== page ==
CHICAGO – Just when you thought Byron Buxton had lost his sense of the dramatic, he went and made baseball history.
Bored with leadoff homers, too impatient to wait for a walkoff, Buxton provided his now-standard home run against the White Sox in the middle of Monday's game. Ho-hum. He's only homered in six straight meetings with Chicago.
But once the White Sox tied the score two innings later and threatened to take the lead, Buxton pulled off something even more breathtaking: He became the second outfielder in Twins history ever to start a triple play. In fact, it was the first center-to-third triple play in major league history, and it was crucial to the Twins' 6-3 victory at Guaranteed Rate Field.
Even if nobody was quite sure what was happening as it unfolded.
"I had no idea what was going on," Twins manager Rocco Baldelli admitted. "When the ball was hit, I was watching the ball. When Buck caught it, I got excited, but thought, we got [one] out. But we got a little more than that."
They did, thanks to some terrible baserunning by Adam Engel and Yoan Moncada — or perhaps they're still unaware of what Buxton can do in the outfield.
"With Buck, you've got to wait until the end. Buck can go, go, go and it's impressive how he plays the outfield," said Gio Urshela, who tagged Moncada for a second out and second base — doubling off Engel — for the third. Then he threw the ball, unnecessarily, to Alex Kirilloff standing on first base. "Just in case," he said with a laugh.
The play was critical because Buxton's two-run homer in the fifth inning represented the Twins' only offense until their decisive four-run outburst in the 10th inning.
Jose Abreu led off the seventh inning against Griffin Jax with a ground-rule double that one-hopped the wall in left-center. After Jax hit Gavin Sheets with a two-strike slider, Moncada singled Abreu home, tying the game 2-2.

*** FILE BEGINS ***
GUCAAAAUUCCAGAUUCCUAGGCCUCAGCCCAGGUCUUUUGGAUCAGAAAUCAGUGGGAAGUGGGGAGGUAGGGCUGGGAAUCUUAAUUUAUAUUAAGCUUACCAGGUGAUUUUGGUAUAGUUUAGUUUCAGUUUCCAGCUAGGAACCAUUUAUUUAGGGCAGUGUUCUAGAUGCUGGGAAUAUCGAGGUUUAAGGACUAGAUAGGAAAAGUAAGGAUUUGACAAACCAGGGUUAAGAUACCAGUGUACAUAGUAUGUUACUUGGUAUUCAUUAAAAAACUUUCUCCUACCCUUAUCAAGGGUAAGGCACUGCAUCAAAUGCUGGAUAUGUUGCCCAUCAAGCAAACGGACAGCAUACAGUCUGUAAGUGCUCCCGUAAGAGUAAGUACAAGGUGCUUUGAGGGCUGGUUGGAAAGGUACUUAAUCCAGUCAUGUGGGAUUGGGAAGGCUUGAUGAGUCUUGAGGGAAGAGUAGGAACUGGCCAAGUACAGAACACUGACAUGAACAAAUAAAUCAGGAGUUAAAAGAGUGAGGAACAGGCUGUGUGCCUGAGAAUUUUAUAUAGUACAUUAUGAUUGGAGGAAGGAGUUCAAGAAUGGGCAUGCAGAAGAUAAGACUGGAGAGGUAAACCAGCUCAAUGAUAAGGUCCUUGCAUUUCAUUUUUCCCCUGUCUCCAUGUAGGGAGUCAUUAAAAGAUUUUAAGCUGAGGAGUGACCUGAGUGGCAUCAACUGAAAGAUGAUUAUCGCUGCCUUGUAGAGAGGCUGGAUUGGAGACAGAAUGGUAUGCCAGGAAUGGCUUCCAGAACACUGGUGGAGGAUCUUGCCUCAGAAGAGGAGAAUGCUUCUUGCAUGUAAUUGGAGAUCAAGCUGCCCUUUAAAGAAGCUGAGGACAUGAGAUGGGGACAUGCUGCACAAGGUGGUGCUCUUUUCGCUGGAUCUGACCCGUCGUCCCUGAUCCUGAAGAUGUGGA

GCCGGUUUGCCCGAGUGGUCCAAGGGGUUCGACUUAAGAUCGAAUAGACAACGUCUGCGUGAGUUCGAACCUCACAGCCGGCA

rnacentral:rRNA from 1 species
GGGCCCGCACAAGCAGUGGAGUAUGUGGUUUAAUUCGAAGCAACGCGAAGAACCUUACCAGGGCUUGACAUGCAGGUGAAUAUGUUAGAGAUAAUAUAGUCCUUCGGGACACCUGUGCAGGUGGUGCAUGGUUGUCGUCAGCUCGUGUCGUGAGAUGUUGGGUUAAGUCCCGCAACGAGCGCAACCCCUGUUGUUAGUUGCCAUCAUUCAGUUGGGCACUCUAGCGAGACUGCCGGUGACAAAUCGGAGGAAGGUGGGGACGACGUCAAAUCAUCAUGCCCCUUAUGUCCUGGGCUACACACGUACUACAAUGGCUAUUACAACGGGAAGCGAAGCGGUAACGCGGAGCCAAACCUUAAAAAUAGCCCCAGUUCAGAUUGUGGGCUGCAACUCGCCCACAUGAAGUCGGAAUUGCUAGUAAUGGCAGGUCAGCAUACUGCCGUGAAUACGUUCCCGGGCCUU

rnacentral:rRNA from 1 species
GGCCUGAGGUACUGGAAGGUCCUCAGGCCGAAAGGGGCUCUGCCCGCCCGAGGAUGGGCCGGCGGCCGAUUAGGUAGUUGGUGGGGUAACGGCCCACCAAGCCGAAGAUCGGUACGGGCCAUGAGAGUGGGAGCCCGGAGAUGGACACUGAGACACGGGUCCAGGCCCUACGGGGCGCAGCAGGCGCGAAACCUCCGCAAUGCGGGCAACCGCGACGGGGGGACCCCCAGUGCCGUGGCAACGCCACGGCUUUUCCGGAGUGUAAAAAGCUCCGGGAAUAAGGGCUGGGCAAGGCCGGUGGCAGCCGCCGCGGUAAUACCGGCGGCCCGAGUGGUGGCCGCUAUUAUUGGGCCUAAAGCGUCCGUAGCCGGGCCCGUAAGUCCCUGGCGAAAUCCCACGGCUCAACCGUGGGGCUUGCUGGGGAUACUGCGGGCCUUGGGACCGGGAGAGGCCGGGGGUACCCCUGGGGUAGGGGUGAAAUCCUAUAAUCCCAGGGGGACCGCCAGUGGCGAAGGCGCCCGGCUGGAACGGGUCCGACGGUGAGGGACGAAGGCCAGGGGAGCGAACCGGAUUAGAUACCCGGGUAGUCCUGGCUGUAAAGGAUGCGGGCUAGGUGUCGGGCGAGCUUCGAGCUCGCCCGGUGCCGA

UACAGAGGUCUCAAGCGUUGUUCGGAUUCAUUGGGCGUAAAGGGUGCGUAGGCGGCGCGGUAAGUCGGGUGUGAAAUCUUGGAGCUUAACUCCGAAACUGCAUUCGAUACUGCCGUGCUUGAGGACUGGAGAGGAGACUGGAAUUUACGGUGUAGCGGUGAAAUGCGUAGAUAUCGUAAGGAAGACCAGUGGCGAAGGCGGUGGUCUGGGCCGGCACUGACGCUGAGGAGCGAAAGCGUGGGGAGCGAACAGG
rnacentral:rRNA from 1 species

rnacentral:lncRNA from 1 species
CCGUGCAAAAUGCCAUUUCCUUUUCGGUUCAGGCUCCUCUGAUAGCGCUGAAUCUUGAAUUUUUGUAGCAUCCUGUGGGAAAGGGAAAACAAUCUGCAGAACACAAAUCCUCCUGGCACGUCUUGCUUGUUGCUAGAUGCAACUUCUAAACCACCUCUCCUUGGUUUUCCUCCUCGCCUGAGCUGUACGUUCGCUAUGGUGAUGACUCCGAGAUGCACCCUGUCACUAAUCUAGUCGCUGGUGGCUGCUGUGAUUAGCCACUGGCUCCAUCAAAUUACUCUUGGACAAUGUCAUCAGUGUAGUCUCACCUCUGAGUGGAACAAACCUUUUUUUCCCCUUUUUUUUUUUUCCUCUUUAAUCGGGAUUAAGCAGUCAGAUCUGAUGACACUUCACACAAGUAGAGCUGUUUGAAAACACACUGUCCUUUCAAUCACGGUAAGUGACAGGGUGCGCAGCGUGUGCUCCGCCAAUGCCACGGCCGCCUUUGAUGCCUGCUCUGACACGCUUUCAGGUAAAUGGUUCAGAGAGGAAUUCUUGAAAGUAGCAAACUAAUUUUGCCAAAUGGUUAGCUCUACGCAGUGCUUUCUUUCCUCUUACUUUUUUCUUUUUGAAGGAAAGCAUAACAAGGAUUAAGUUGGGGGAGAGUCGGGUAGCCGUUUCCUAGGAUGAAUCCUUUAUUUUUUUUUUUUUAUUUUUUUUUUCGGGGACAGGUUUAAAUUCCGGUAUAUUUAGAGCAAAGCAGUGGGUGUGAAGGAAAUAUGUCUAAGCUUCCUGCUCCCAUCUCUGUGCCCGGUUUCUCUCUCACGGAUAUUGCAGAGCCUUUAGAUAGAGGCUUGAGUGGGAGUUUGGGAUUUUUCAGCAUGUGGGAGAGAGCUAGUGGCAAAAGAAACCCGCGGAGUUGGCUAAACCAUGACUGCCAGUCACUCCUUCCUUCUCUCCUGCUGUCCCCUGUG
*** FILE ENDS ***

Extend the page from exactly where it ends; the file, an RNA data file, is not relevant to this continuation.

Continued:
Jax got ahead of A.J. Pollock with two quick strikes but left a slider over the middle that the outfielder pounded toward the wall in right-center. Convinced that nobody could catch it, Moncada hustled toward second base, forcing Engel, pinch-running for Sheets, to head toward third base and head for the plate.
Except that someone could indeed catch it: Buxton, who raced to the wall and snagged the ball on the run, just before running out of room.
"Like I said, you got to wait," Urshela said. "The ball's hit that way, we've got a chance."
Buxton turned and fired the ball toward the infield, where Urshela caught it midway between second and third base. Moncada had stopped and begun retracing his steps, but Urshela caught him and tagged him. Then he stepped on second base, completing the rare play.
"When things get really weird on the bases, sometimes people aren't sure what to do. But being able to just get the ball and start tagging people and tagging bases and staying composed — finishing the play matters too," Baldelli said. "Game-changing type of situation for us."
It was the 16th triple play in Twins history, and fifth just since 2017. Only once before, when Dan Gladden doubled up two Cleveland baserunners in the Metrodome on Aug. 8, 1988, had a Twins outfielder ever triggered a triple play.
The game featured solid performances by a couple of pitchers the Twins considered on last winter's free-agent market. Dylan Bundy, who the Twins chose to sign, allowed an Abreu home run, but little else in his five inning start. Johnny Cueto, who went unsigned until the White Sox made an offer on Opening Day, put plenty of runners on base — two double plays helped him survive five hits and five walks, with only Buxton's homer costing him a couple of runs in six innings.
Luis Arraez finally put the Twins ahead for good, though, in the 10th slapping his third hit of the night, a single up the middle, to score pinch runner Gilberto Celestino, who began the inning on second base. Chicago reliever Joe Kelly walked the bases loaded — Tony La Russa was ejected for protesting some of the calls — before a Jorge Polanco sacrifice fly and a two-run single by Kirilloff produced a decisive lead.